There was recently a case about an employee who posted racists comments about her co-worker on her Facebook profile that we thought was interesting because it raises the question: can one employee hold a co-worker accountable for the things they say or do on social media?
On August 1, 2012, Oscar Perez-Moreno, a manager at a golf resort, intervened between an argument that his co-worker, Danielle Kulczycki, was having with another colleague. Two days later, Danielle posted on Facebook that she had been written up at work for calling Oscar “a dirty Mexican”. Danielle had also told other employees: “now that Mexican is not going to give me anything”.
Oscar found Danielle’s Facebook post and found her derogatory comments humiliating and damaging to his character, work and personal life. He said that they created a negative emotional, social, mental and possibly financial effect on him. The news had even reached his son’s classmate, who asked his son if Danielle’s post referred to his father. Oscar felt that he should not have to feel ashamed of his roots. He started an action against Danielle through the Ontario Human Rights Tribunal.
The Ontario Human Rights Code prohibits harassment in the workplace on the basis of race, origin, ancestry and citizenship. Section 10(1) defines harassment as, “a course of vexatious comment or conduct that is known or ought reasonably to be known to be unwelcome”.
The Tribunal agreed with Oscar that he had been subject to discrimination with respect to employment because of race, ancestry, place of origin, citizenship and ethnic origin, and said that Danielle’s Facebook post and additional comments directly went against the Ontario Human Rights Code.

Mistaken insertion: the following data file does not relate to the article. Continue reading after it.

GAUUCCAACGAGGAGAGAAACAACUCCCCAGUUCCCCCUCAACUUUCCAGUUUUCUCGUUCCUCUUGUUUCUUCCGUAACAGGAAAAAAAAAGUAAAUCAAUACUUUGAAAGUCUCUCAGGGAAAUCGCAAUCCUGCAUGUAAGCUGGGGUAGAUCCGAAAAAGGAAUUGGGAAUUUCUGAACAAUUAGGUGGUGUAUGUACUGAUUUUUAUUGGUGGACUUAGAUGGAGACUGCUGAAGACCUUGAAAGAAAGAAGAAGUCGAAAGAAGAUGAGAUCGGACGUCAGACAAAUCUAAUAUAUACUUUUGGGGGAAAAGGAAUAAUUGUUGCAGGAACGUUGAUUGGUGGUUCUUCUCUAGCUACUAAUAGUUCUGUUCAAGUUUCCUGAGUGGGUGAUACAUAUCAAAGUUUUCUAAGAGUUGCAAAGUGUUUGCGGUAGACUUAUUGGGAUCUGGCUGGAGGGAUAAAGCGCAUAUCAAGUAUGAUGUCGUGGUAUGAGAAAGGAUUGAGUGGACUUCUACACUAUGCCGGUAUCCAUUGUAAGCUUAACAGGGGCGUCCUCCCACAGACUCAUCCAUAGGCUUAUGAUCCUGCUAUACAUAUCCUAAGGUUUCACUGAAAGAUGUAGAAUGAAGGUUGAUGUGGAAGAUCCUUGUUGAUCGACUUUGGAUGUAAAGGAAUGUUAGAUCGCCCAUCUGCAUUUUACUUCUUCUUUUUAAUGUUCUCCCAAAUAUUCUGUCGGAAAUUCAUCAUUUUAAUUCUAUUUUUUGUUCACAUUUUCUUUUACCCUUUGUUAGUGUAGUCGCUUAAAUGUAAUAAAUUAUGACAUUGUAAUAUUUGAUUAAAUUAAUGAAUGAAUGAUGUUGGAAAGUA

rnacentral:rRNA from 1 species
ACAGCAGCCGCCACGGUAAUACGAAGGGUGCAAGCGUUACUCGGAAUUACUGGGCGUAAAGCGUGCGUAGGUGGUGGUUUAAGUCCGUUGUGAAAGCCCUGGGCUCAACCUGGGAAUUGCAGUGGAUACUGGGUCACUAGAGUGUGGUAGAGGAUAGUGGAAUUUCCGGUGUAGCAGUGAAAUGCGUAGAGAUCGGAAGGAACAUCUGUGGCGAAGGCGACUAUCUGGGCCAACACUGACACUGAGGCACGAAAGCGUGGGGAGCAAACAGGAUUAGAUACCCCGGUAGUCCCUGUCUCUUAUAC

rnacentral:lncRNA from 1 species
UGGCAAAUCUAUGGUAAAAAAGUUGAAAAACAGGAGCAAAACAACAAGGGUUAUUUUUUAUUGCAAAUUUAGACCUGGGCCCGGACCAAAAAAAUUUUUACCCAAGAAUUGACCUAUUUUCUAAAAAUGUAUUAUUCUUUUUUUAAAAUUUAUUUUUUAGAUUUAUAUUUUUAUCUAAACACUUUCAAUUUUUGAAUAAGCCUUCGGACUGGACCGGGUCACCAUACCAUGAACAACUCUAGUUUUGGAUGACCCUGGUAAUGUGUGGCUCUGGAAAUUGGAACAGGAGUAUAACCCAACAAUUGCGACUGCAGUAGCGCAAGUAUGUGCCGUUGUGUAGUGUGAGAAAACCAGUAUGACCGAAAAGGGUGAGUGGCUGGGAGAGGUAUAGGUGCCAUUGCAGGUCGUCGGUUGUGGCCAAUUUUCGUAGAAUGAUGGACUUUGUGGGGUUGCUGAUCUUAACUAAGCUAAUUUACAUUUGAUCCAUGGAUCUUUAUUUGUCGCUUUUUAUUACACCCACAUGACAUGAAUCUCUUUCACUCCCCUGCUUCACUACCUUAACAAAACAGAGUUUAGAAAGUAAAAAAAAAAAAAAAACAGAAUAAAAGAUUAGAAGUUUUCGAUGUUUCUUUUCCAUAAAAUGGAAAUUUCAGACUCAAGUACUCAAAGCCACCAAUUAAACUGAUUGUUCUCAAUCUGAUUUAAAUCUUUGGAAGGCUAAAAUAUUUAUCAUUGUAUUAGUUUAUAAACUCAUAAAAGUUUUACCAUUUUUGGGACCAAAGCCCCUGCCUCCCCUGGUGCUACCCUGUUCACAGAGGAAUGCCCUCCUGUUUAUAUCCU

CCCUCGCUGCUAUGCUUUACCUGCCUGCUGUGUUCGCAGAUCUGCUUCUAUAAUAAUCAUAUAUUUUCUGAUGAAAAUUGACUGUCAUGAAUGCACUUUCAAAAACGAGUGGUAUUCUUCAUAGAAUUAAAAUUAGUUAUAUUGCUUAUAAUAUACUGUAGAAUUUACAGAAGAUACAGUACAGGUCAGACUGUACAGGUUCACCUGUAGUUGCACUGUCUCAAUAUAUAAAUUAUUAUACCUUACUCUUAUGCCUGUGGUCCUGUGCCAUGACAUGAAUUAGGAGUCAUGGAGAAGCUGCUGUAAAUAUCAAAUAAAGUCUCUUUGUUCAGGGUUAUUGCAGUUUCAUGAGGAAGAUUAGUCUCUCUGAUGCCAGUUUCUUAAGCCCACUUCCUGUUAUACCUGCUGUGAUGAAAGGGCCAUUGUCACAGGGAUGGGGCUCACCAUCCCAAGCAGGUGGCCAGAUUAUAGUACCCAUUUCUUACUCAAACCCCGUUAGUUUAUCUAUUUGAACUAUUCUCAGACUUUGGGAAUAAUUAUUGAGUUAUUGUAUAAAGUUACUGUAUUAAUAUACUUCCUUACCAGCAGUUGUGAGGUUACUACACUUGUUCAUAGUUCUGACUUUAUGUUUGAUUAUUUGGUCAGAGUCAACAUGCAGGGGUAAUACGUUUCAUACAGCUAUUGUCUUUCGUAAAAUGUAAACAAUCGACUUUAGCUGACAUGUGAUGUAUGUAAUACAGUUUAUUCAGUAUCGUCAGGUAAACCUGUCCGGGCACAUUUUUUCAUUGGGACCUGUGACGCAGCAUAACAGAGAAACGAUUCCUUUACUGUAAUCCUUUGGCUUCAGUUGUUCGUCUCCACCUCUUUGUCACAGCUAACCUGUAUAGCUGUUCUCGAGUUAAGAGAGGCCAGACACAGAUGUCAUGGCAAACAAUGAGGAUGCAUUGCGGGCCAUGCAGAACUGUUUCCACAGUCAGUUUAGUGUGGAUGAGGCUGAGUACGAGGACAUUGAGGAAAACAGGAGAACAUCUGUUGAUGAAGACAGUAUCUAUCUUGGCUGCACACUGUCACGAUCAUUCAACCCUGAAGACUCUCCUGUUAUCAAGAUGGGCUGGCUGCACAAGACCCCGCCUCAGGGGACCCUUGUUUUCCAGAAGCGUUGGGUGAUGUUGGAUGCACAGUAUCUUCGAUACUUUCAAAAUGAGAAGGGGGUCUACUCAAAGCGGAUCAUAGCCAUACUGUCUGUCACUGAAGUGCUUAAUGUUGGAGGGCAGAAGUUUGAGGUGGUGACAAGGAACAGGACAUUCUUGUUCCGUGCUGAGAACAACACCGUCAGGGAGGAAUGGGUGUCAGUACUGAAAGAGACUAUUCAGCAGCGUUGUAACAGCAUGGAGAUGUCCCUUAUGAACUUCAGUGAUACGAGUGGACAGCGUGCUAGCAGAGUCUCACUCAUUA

Two important employment law issues stand out in this case:
First, Oscar did not bring the complaint against their employer, the golf resort, but rather named his co-worker Danielle, an employee of the golf resort, personally. Employees should take note that they may be held accountable for their conduct outside of the workplace, such as on Facebook and other social media sites.
Second, Oscar did not ask for monetary compensation – what he really wanted was that Danielle be fired. While the Tribunal said that it did not have the power to order that Danielle be fired (particularly because it might affect the golf resort, which was not named in the action), the Tribunal did indicate that it was not averse to the idea of awarding damages against an employee for conduct like that of Danielle’s.
To read the full decision, click here.
Colleen Hoey is an Ottawa-based lawyers practicing in the areas of Employment Law, Human Rights Law, and Civil Litigation at Mann & Partners, LLP. The articles on this blog are not intended to provide legal advice. Should you require legal advice, please contact Mann & Partners, LLP at 613-722-1500 or fill out our form to be contacted within 24 hours.